“Hold me now, warm my heart, stay with me” Thompson Twins
Take a look at the first image. This a piece by artist Ashleigh Taupaki, an artist based in New Zealand. Ashleigh’s art works are all about holding, caring and cradling fragility and ephemerality such as the slight things of nature that we easily ignore: a shell, a small pebble, soil.
Straight after Boris’s lockdown announcement, I had a zoom meeting with artists from New Zealand about our forthcoming exhibition, in which Ashleigh and I are collaborating. During our conversation, one artist said to another that if she was to visit a certain gallery in Auckland, she was sure to get a warm welcome with a cup of tea and a hug.
A hug??? I found myself in shock at this idea and this told me not only about the state of New Zealand but about my own state after ten months of the pandemic. I was amazed at my instant horror, followed by jealousy and wistful desire for such an experience. How I miss hugs! Hugs from my friends, hugs of welcome, of goodbye, of concern, of understanding, of ‘I’m here for you’.
The second image shows an older work of mine called Cradle. It’s based on a tombstone in my local cemetery on which there is a full-sized sculpture of a woman holding her baby. This monument depicts the tender relationship of mother and child through the action of cradling. I have seen this grave in all circumstances, when covered with snow, when locals have added graffiti glasses to both figures, and as the slow erosion of acid rain has taken its toll. It is an enduring testament to love and care.
I was recently looking for images of hands on the internet and came across a series of sculptures called The Welcoming Hands by Louise Bourgeois that I had not encountered before. They depict hands holding another’s hands and are modelled on her own and those of her long-time friend. Their simplicity and tenderness are extremely moving and feel even more poignant in our current times, when touch feels so policed. Even more so, when knowing the main canon of her prestigious and prolific art career which often engenders a feeling of discomfort or dis-ease in the viewer, rather than the exquisite kindness of these bronzes.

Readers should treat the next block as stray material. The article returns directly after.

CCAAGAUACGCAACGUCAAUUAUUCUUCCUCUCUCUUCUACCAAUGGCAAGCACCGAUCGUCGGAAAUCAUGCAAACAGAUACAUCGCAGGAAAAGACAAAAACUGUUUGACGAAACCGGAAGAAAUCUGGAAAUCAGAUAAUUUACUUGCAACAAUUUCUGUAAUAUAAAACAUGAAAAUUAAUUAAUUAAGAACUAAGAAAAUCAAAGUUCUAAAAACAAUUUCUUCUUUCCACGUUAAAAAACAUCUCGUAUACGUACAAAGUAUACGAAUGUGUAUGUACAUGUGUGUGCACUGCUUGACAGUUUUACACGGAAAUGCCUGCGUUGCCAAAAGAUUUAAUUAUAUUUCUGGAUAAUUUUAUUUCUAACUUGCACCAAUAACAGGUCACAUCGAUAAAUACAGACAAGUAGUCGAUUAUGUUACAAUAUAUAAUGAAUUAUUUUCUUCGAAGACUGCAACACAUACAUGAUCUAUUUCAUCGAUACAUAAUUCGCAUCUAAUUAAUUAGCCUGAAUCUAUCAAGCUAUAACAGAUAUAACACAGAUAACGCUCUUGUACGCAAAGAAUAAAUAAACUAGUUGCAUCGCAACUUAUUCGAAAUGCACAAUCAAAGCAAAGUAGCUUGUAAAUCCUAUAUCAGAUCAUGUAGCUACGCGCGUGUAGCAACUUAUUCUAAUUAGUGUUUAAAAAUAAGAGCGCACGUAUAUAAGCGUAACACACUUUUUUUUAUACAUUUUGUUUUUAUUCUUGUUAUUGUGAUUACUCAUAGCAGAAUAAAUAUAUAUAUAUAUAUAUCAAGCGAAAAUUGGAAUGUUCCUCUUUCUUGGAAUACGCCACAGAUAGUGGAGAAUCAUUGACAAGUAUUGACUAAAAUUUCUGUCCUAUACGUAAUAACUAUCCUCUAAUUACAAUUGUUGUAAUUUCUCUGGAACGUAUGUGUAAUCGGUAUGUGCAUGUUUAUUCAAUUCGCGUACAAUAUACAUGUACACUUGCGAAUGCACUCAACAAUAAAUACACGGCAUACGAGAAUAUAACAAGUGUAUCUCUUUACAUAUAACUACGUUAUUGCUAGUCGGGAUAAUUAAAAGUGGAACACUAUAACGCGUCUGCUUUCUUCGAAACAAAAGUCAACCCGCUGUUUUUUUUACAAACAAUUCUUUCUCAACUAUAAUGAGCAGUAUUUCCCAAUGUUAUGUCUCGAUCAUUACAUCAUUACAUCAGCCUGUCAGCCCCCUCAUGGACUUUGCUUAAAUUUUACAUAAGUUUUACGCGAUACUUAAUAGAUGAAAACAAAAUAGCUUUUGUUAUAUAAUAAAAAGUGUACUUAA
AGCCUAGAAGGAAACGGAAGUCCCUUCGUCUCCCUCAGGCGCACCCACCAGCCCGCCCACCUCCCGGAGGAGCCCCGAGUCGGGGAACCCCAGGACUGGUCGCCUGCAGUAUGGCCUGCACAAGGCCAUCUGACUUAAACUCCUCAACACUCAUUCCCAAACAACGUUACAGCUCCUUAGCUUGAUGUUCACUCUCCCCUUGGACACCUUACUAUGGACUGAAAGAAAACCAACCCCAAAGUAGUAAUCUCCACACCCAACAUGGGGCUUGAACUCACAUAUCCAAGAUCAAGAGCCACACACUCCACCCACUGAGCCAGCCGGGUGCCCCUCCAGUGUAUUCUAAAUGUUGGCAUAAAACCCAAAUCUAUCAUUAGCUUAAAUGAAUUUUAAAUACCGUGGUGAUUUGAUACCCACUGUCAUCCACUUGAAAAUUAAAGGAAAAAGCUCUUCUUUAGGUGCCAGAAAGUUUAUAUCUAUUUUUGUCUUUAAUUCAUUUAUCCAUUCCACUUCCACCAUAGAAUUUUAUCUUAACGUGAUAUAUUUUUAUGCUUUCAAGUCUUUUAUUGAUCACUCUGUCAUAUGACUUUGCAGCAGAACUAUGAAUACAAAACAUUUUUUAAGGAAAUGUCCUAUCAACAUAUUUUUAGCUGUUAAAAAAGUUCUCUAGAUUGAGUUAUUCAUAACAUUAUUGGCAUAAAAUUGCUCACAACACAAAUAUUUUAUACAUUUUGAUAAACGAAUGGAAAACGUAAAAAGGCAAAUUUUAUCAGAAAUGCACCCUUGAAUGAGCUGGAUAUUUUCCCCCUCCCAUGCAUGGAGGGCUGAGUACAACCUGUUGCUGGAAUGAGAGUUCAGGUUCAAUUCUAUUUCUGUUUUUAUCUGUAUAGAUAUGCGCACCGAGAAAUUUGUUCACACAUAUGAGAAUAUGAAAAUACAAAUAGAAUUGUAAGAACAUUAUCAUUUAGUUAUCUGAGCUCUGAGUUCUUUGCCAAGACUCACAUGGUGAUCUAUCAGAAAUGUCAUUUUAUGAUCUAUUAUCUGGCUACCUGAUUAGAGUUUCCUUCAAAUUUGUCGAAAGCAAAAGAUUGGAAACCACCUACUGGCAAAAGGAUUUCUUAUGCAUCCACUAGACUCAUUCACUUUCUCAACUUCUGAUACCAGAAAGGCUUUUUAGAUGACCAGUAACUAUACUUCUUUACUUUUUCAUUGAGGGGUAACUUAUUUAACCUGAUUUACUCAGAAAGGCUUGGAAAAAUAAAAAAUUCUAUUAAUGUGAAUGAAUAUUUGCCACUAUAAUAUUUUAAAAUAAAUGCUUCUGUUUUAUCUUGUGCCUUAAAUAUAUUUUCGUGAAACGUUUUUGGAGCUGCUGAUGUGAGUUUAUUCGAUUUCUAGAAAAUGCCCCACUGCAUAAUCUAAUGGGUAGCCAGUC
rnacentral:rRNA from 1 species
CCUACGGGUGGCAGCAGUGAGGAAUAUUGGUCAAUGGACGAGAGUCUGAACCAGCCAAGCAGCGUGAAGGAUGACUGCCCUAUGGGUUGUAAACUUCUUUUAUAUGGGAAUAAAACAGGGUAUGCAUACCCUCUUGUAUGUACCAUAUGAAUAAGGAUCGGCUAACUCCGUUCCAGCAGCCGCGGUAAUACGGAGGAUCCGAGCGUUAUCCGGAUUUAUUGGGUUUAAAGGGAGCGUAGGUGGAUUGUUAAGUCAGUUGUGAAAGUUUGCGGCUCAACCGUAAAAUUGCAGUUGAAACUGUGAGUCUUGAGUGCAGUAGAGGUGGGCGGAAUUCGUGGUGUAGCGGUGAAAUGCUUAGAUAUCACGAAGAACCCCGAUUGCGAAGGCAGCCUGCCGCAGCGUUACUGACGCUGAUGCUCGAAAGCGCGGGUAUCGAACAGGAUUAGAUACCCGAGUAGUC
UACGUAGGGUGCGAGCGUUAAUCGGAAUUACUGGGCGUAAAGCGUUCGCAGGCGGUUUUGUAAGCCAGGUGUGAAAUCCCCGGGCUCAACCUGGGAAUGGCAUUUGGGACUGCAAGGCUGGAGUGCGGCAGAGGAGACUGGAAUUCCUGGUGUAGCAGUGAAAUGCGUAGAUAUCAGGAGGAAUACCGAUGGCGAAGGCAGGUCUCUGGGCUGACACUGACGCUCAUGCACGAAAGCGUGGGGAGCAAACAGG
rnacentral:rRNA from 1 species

We all need touch, we all need to be cradled, we all need care. It is a human requirement. Even those with severe autism respond to careful and directed touch. In my work at a day centre for adults with disabilities I have often witnessed the effect that trained carers can have on a distressed person with autism by the use of strong and persistent touch.
In a new artwork I am making, I have invited people to reflect on the experience of the pandemic. One contributor talked about her three months isolation as she contracted covid right at the start of lockdown and lives alone. She says “even when I was better, I still couldn't touch another human until I formed a social bubble after nearly six months. The forced isolation was so hard - I never thought I would become a tree-hugger! But hugging trees & nature walks became a real lifeline”. During that first lockdown, my sister who lives in Scotland and who I miss terribly sent me a card with a picture of two people holding one another. It simply says, ‘a wee hug’. I have put it on my desk so that every time I sit down to work, I read and see it and the intention it represents warms my heart. At this time we need to find ways of remembering and responding to the hope that we will be held, and we are held both in the heart of those we love and love us and in the heart of the divine. I hope you find someone or something to cradle you in this time.
You will need your hands. This meditation is based on the Indonesian Finger Hold.
- Sit comfortably with your feet placed flat on the floor. Rest your hands in your lap
- Take a couple of breaths, try to slow them down and become aware of your breath
- Using your most preferred (writing) hand, take hold of the thumb and fingers of your other hand in turn, as in the picture below. As you hold each digit and breath out slowly, let go mentally of a negative emotion. As you breath in, accept a positive emotion. The diagram below has suggestions for different emotions for each digit.
- Finally, hold your whole hand in the preferred hand and give yourself an imaginary caring hug.
This meditation is commissioned by Leeds Methodist Mission